The coolest thing about Samsung's custom software is the ability to run two apps side-by-side at the same time. Holding the back button brings up a list of apps on the right of the screen that can be used for multi-tasking. Basically all you have to do is drag an app icon from the list and it will open in the widow. Then you can drag a second app from the list and it split the screen so that you can view both apps at the same time. There's a little slider icon that you can use to make the viewing area for one app larger. You can even drag content such as text and pictures from one app to the another, and you can have the same app open twice.

The only downside with multi-tasking is that it doesn't work with all apps. Mostly it works with text-based apps like email, web browsers, and note apps. Video, photo, and music apps work too, and a few ebook apps.

The Galaxy Tab 4 comes with a few extra apps from Samsung. There's a handy memo app, a world clock app, a talking personal assistant app, an app for using the tablet as a remote control, and there's an office app called Hancom Office Viewer for office documents and PDFs.

Samsung Galaxy Tab 4 Review Conclusion

  • Appealing design, and the compact size makes the device easy to hold for long periods of usage, especially reading.
  • Samsung's custom software adds a nifty multi-tasking feature that allows the tablet to have two apps open at once.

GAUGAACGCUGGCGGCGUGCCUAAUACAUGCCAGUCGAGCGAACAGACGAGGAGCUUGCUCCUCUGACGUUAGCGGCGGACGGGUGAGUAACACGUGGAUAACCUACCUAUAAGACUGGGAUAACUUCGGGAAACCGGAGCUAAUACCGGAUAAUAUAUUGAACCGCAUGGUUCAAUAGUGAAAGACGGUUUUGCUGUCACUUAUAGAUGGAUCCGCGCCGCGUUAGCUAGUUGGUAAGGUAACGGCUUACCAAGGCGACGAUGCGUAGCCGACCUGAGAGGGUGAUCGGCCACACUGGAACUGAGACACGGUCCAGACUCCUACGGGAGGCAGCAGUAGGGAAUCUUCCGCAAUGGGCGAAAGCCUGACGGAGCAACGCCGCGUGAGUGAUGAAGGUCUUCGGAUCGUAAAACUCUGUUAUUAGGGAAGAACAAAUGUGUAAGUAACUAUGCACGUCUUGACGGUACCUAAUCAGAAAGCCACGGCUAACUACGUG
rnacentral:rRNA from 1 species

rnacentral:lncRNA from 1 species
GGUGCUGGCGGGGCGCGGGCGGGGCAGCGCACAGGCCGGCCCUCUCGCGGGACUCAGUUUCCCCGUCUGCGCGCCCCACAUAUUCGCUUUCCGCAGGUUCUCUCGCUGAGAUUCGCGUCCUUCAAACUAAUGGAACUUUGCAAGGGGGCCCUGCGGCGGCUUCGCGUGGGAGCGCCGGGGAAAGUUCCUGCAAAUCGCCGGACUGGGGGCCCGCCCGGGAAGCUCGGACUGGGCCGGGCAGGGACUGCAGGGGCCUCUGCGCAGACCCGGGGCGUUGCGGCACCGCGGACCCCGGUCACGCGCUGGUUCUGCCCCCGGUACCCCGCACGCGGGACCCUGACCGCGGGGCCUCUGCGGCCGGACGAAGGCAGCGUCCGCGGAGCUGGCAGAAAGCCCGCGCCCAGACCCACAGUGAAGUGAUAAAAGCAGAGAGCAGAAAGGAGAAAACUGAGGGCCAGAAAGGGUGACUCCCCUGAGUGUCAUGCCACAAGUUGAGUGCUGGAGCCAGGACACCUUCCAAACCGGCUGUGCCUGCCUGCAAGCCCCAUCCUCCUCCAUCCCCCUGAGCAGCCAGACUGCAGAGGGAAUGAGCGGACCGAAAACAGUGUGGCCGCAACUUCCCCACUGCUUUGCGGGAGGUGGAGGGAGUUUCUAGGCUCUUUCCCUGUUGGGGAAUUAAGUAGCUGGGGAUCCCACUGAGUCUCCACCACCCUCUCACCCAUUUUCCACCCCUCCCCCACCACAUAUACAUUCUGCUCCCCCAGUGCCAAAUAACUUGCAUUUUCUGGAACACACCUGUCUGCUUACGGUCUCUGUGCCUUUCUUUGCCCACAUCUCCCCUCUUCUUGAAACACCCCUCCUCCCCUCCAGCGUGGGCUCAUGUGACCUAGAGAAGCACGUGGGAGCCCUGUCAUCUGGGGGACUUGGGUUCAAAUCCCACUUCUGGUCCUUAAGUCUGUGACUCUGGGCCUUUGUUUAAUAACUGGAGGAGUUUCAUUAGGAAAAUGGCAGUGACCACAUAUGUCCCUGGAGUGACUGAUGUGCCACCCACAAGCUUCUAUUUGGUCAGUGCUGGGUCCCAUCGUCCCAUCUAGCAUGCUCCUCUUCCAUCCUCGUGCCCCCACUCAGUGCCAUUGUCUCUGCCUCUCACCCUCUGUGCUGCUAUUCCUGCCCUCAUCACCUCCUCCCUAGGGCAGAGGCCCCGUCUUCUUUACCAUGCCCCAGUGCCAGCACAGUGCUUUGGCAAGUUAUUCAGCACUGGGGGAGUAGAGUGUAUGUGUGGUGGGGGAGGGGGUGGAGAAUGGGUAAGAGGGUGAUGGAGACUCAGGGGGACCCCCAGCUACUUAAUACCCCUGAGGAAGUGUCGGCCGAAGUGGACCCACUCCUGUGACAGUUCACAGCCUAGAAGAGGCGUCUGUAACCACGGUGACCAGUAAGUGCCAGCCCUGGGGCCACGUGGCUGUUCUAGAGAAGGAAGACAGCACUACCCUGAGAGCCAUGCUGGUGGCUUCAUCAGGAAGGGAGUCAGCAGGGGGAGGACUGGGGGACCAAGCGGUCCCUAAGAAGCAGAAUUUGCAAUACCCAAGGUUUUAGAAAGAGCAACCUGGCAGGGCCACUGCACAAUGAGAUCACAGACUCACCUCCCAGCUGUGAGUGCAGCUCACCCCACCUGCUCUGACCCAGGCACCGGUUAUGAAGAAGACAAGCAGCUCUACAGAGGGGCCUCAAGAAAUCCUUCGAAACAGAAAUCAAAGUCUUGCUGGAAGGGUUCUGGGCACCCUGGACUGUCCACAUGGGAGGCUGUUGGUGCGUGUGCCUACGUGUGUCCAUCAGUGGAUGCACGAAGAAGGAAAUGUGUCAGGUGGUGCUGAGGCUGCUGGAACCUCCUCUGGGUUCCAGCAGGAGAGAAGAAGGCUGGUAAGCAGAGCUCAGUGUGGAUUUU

• The Android 4.4 operating system runs smooth, and Samsung's custom OS tweaks are a nice change from stock Android—fonts are larger and clearer, and it has a cleaner look without the onscreen button bar.
  • Despite the lower pixel density, the screen looks really good—colors are bright, text is clear and sharp, and the viewing angles are wide.
  • Only some apps can be used for multi-tasking.
  • Lacks some advanced features found on similar tablets: No HDMI port, no NFC chip, no stereo speakers, no LED flash.
  • Specs are less than some similarly-priced tablets in the categories of pixel density, camera quality, processor speed, and internal storage space.

This is the first Samsung tablet that I've reviewed. I never understood why people chose Samsung tablets when there are almost always other brands with better specs for less money. But now I can see why Samsung's tablets are as popular as they are. They may not have the best specs or lowest prices, but they have the appearance and feel of good quality tablets, at least that's the case with the Tab 4 line.

I wasn't expecting to like the 7-inch Samsung Galaxy Tab 4 as much as I do. I automatically expected the lower screen resolution to be a negative, but it's hard to complain about the screen once seeing it in person. And I like Samsung's custom OS tweaks better than stock Android—it's cleaner, more functional, and the color and font combinations work well together. Overall the 7-inch Galaxy Tab 4 is a good solid tablet. The price could stand to be a little lower to compete better with similar tablets, but Samsung does offer some unique benefits.

Estimated Price: $199 at Amazon

Samsung Galaxy Tab 4 Video Review

Samsung Galaxy Tab 4 Specs

  • 7 inch, 1280 x 800 pixel display (212 ppi)
  • 1.2 GHz quad-core Qualcomm processor
  • Android 4.4 KitKat operating system
  • 1.5GB RAM
  • 8GB internal storage
  • MicroSD card slot for cards up to 32GB
  • 3MP rear camera and 1.3MP front-facing camera
  • Dual-Band Wi-Fi 802.11 a/b/g/n
  • Built-in IR blaster, which allows you to use the tablet as a universal remote control
  • Use two applications at once
  • Multi-user mode, including kids mode
  • Bluetooth 4.0
  • GPS
  • Micro USB port
  • Speaker, headphone jack, mic
  • 4,000 mAh battery.
  • Battery life: up to 10 hours
  • Dimensions: 7.4" x 4.25" x 0.35"
  • Weight: 9.74 ounces
  • Price: $199 at Amazon